The long term objective of this project is to develop an understanding of lifestyle factors that influence the cognitive and brain health of children while also reducing the sedentary nature of today's youth. Previous research conducted by our research team and others has found that physical activity interventions can enhance both a variety of aspects of cognition and brain structure and function of children, older adults, and individuals with neurodegenerative disorders such as Parkinson's disease and multiple sclerosis. More specifically, in our research with children we have found that higher fit children possess larger hippocampi which in turn are related to better relational memory than their lower fit counterparts. We have also observed that higher fit children exhibit more efficient executive control as indicated by performance measures and event-related brain potentials. While intriguing, these cross-sectional data do not enable us to establish causality between physical activity and cognition. In the current proposal we substantially extend this previous research by examining the influence of a 9 month randomized controlled afterschool physical activity program on cognition and brain health. Cognition will be assessed with a battery of tasks and standardized achievement tests both before and after the 9 month intervention in the activity group and a wait list control (who will receive the intervention the following year). Children will also participate in magnetic resonance imaging (MRI) sessions both before and after the intervention (and at comparable times for the wait list control). In these sessions we will measure both structural aspects of the brain including regional volumes of gray matter and the integrity of the white matter tracts (through diffusion tensor imaging) and functional aspects of brain function using fMRI activity recorded as the children perform a series of executive control and memory tasks. We anticipate, based on our cross-sectional studies with children and our previous longitudinal studies with older adults, that the children in the physical activity program will show both larger regional brain volumes, particularly in brain regions that subserve executive control and relational memory, and more efficient brain function, as indexed by task-related and resting state fMRI. Furthermore, we anticipate that these changes will be accompanied by improvements in memory and executive control processes. Given recent trends identifying decreased levels of physical activity and health status in preadolescents, the understanding of the potential benefits of physical activity on cognition is of great interest. It s imperative that factors positively influencing cognitive function of children be examined to maximize health and effective functioning of individuals as they progress through the lifespan.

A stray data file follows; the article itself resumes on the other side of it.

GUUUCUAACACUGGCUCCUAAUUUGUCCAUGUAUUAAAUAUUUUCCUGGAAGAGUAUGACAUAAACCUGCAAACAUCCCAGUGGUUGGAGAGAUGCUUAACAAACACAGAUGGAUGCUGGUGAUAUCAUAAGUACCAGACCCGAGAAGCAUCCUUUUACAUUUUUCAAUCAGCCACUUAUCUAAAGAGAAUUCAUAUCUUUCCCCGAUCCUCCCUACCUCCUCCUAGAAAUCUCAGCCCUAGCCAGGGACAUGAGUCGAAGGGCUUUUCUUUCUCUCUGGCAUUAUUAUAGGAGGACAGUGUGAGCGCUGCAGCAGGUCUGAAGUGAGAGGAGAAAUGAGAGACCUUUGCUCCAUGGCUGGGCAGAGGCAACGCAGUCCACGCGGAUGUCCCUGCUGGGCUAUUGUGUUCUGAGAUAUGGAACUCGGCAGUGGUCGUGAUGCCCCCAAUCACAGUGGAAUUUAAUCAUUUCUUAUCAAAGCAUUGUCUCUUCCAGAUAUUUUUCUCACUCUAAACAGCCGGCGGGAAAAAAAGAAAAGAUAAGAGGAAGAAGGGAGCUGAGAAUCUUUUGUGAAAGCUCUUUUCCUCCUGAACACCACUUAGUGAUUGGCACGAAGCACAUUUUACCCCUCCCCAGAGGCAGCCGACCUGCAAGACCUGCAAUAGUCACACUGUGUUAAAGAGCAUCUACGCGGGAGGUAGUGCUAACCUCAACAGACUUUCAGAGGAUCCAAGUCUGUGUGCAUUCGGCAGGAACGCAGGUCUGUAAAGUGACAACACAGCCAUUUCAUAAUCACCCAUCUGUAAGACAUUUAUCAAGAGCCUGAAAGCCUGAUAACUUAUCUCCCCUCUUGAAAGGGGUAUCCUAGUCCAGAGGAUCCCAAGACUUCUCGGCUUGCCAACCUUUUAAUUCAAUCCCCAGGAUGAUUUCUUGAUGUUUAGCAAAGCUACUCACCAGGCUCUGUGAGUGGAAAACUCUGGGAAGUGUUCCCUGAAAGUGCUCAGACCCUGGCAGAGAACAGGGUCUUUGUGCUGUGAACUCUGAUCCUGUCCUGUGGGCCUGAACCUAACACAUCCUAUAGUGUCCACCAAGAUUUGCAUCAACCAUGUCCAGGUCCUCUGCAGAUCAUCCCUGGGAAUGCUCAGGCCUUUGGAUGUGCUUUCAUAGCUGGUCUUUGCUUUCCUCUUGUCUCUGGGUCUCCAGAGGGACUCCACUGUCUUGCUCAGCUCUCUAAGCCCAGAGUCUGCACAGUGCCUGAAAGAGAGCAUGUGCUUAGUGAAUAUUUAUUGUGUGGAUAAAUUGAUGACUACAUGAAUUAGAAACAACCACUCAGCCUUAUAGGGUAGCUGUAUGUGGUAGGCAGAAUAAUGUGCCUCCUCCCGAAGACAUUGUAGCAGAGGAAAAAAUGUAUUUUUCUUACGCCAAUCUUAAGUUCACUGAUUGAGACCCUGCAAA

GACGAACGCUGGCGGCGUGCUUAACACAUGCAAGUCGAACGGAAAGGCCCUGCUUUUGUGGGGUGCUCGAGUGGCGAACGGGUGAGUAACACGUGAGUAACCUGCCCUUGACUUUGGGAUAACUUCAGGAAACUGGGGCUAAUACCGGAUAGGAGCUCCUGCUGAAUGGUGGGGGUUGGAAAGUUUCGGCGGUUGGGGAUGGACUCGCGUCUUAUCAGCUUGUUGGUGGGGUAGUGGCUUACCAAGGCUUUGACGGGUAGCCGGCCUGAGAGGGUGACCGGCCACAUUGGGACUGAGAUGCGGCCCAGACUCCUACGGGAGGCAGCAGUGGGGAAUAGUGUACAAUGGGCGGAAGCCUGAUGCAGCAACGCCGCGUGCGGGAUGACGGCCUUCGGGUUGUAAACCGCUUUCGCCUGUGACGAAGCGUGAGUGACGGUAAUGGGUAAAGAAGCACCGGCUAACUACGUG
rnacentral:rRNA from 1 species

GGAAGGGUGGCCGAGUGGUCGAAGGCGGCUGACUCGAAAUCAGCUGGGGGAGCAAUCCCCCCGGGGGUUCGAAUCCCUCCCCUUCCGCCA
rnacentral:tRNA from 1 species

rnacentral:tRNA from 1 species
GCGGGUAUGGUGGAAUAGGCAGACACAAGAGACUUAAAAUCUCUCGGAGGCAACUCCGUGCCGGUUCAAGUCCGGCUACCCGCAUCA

Public Health Relevance

Recent national and international trends have identified decreasing levels of physical activity, fitness, and health in preadolescent children. Examining factors, such as physical activity behavior and aerobic fitness that positively influence brain health and cognition of school-age children are important for improving school performance, maximizing overall health, and improving the function of individuals as they progress through the human lifespan. In our proposed research we will examine, for the first time in a randomized controlled trial, the influence of a 9 month after school physical activity program on the cognitiv and brain health of pre- adolescent children.

National Institute of Health (NIH)
Eunice Kennedy Shriver National Institute of Child Health & Human Development (NICHD)
Research Project (R01)
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Cognition and Perception Study Section (CP)
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Freund, Lisa S
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University of Illinois Urbana-Champaign
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Raine, Lauren B; Scudder, Mark R; Saliba, Brian J et al. (2016) Aerobic Fitness and Context Processing in Preadolescent Children. J Phys Act Health 13:94-101
Pindus, Dominika M; Drollette, Eric S; Scudder, Mark R et al. (2016) Moderate-to-Vigorous Physical Activity, Indices of Cognitive Control, and Academic Achievement in Preadolescents. J Pediatr 173:136-42
Khan, Naiman A; Raine, Lauren B; Drollette, Eric S et al. (2015) Dietary fiber is positively associated with cognitive control among prepubertal children. J Nutr 145:143-9
Khan, N A; Raine, L B; Drollette, E S et al. (2015) The Relationship between Total Water Intake and Cognitive Control among Prepubertal Children. Ann Nutr Metab 66 Suppl 3:38-41
Hillman, Charles H; Khan, Naiman A; Kao, Shih-Chun (2015) The Relationship of Health Behaviors to Childhood Cognition and Brain Health. Ann Nutr Metab 66 Suppl 3:1-4
Khan, Naiman A; Raine, Lauren B; Drollette, Eric S et al. (2015) The relation of saturated fats and dietary cholesterol to childhood cognitive flexibility. Appetite 93:51-6
Khan, Naiman A; Baym, Carol L; Monti, Jim M et al. (2015) Central adiposity is negatively associated with hippocampal-dependent relational memory among overweight and obese children. J Pediatr 166:302-8.e1
Hillman, Charles H (2014) I. An introduction to the relation of physical activity to cognitive and brain health, and scholastic achievement. Monogr Soc Res Child Dev 79:1-6
Scudder, Mark R; Federmeier, Kara D; Raine, Lauren B et al. (2014) The association between aerobic fitness and language processing in children: implications for academic achievement. Brain Cogn 87:140-52
Hillman, Charles H (2014) VIII. Conclusions and future directions of the research on physical activity and childhood cognitive and brain health. Monogr Soc Res Child Dev 79:149-52

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